Updated: Nov 6, 2022
This morning, while I was pulling up the x-ray image of my child's broken bone on my phone, I'm certain the orthopedic surgeon glimpsed the following stills I took from my burlesque act.
And therein lies the awkward place where I live: I'm a mother of a den of chaos dragons and a woman with big art and growing needs.
I've recently accepted that I want attention and I want pleasure. At forty-two, with a family and a pile of jobs and responsibilities, this borders on unthinkable, or at least inconvenient and problematic.
But it's what I want and I'm starting to honor my needs and wants.
These past few months, my family has had school, work, soccer, wrestling, horseback riding, band, and Girl Scouts. We have 1 car. We had 4 bicycles but 1 got stolen, so now we have 3. We have 1 freshly broken arm (making it a grand total of 3 (three!) broken bones on these 2 kids this 1 calendar year), 1 new anti-anxiety medication, 1 new job and a big 'ol twist in an established job, an anniversary, a birthday, and countless meetings with schools and counselors.
In the midst of all of this, I've been taking a burlesque class; three hours every Thursday night, with all the creatures in my house pacing just outside the door, whining and banging to be let in to interrupt my pursuit of myself. It was not easy to stay focused or in the headspace. I missed a lot of class between wrestling meets and therapist visits, but I was determined to see it through.
I had seen dances created from this program and I wanted what those women seemed to possess- body authority, confidence, joy in themselves, freedom, sensuality. God, I wanted that so badly. My confidence has been shattered over the past few years, my identity left thin and patchy, and I've been living in my body like it was the last place I wanted to be. This class- a safe place full of women with similar goals- was about enrichment, empowerment, embodiment, courage and vulnerability. Each week, I found myself understanding more about what it feels to be solid and free, but it wasn't easy.
Initially, I wanted to do some sort of cutesy, fun, flirty Mae West thing where I could use humor and bawdiness to 'own' the crowd. I know how to perform, I could do that. I can give joy, I can give pleasure, I can give amusement and even wonder....but it quickly became clear that if I wanted to GET those things for myself, I was going to have to take a different, more authentic and vulnerable path. Dammit. I chose a song that made me want to sob and run and fight, and even dance. As I was building the choreography to go with the gut-wrenching lyrics, I realized that I was going to have to dip into very hard, serious emotions. Dammit again, always with these freakin' feelings!
I had fears about what I look like, how I (don't) dance, what taking off my clothes would mean in my chubby and scarred body. I was embarrassed and afraid but I WANTED to be healed and whole. I wanted to skip through the pain of processing all this shit and just FEEL SEXY AND AWESOME ALREADY. One day during class, after an especially hectic week at home, I tried to game the system and as I worked on my song, I yanked my top off, exposing my ruined breasts. THERE! I DID IT! I'M FIXED, SEE? In exploiting my wounds I thought I could force my evolution. I did what I thought I was supposed to do, what I thought was expected of me, I tried to "win" at burlesque class and to hasten my way to actualization and confidence. I tried to cheat and shortcut my way there, but....you'll be shocked to learn...it didn't work.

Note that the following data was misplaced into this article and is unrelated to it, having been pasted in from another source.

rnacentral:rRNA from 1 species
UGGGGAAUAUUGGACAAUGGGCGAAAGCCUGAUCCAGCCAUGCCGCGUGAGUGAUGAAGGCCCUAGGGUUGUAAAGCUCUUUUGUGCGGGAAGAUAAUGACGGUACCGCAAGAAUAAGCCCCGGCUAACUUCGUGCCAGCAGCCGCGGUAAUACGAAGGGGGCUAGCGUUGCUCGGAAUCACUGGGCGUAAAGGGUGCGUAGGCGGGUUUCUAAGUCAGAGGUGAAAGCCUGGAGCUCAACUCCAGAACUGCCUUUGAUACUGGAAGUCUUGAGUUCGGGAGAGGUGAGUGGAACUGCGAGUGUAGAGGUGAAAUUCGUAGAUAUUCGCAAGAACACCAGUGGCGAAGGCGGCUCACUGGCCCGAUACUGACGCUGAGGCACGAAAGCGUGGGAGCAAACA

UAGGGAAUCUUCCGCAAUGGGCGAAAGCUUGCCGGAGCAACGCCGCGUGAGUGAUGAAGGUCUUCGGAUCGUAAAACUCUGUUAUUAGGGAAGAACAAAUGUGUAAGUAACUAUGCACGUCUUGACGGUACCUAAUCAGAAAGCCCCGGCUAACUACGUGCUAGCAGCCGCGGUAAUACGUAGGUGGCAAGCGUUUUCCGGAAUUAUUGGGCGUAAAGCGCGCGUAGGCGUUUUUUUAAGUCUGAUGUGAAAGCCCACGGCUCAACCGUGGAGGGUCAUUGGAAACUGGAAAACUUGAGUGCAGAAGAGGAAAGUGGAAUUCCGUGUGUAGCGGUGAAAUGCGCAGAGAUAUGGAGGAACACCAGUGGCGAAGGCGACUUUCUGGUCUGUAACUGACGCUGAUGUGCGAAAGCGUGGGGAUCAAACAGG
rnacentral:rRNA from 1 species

Instead, eventually, I put every bit of my sadness, fury, and determination into the dance, and it ended up more of a performance piece about depression than what I would historically have called burlesque. But it mattered. I mattered. Me showing up with all of my messy dark stuff and picking my way through it, picking myself up out of it through the course of a 3 minute song was healing to me- and to those who witnessed me. In the end, I uncovered some skin, but it wasn't the cure. It wasn't the reason. The pain in my eyes was a lot more exposing than the bit of flesh I released on camera. The nakedness was a metaphor for the acceptance of who I am, all of me, of asking for what I need, allowing for what I want.
I want to be seen. I want to feel pleasure and relief. I want to matter.
So, this morning when the orthopedic surgeon saw these pictures on my phone, I had a flash of embarrassment that he would think I was selfish or vain or extra or an inept mother or something, and then I gently reminded myself that in my phone and in my head, in my heart, and in my body, I'm allowed to exist, too. Not just my family, not just my work, but me. So he saw me....so what? I want to be seen. On my own terms.